Cotonou, Benin — International and national experts in rice policy research in West Africa have developed a common strategy to improve the impact of policy research and institutional arrangements on the competitiveness of the rice sector in the region. The experts representing Burkina Faso, Mali, Nigeria, Niger, the Economic Community of West African States (ECOWAS), and the Africa Rice Center (WARDA) participated recently in an extensive brainstorming meeting in Cotonou, Benin.
The key elements of the strategy include:
The formation of a rice policy research and advocacy platform at the regional level—based on strong national advocacy groups—that can serve as a channel for transmitting policies to promote the rice sector in the region. It was recommended that WARDA should nurture and coordinate the formation of this platform.
The development and implementation of a common agenda for rice policy research to provide necessary information for the formulation of national and regional policies
The development of multi-country project proposals on rice policy research based on regional research priorities identified by the participants and the joint sourcing of funds to carry out the projects
Rice has become a commodity of strategic significance in Africa, where it is grown and consumed in about 40 countries. According to WARDA economists, the demand for rice in West and Central Africa (WCA), the rice belt of Africa, is growing at the rate of 6% per annum—faster than anywhere else in the world.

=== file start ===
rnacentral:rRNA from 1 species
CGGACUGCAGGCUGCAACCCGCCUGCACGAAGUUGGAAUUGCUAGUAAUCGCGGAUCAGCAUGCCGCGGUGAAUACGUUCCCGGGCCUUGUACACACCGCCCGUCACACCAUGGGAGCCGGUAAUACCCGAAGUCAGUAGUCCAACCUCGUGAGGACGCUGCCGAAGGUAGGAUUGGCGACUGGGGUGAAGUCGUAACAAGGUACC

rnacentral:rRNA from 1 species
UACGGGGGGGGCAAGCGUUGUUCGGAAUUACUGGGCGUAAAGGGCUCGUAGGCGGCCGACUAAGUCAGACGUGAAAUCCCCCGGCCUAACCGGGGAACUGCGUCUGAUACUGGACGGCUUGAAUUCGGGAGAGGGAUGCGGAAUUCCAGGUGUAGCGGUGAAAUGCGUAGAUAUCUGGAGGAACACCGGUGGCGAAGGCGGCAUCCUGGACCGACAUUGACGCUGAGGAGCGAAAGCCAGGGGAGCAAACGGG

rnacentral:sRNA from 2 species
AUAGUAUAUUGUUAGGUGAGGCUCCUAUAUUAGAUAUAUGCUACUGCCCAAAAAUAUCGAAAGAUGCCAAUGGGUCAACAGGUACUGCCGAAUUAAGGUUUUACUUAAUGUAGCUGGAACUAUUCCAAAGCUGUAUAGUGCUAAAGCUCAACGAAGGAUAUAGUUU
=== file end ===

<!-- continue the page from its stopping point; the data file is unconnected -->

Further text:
This growth in demand for rice is largely the result of urbanization, which is growing at the rate of 3.5% per year in Africa—again the fastest in the world—and changing consumer preferences. As domestic rice production cannot meet this rising demand, West African countries have become heavily dependent on imports of this staple food. Rice imports in the sub-region have increased eight-fold to 4 million t per year since the 1960s, at an annual cost of over US$1 billion.
Smallholder rice farmers in the region face unfair competition from subsidized rice imports and have to compete in markets that are more demanding in terms of product quality. They are faced with such constraints as poor infrastructure and lack of access to markets, inputs and credits, processing technology and market information.
The policy experts agreed that unless favorable and consistent policies and effective institutional arrangements relating to rice are developed and implemented across the region, local rice would never become competitive. They discussed such issues as:
Why is the domestic rice production in the region not competitive?
How can policy research help?
Should there be a common agricultural and trade policy for the region?
How can such an agenda be implemented? What will be the cost and benefits of the common agenda?
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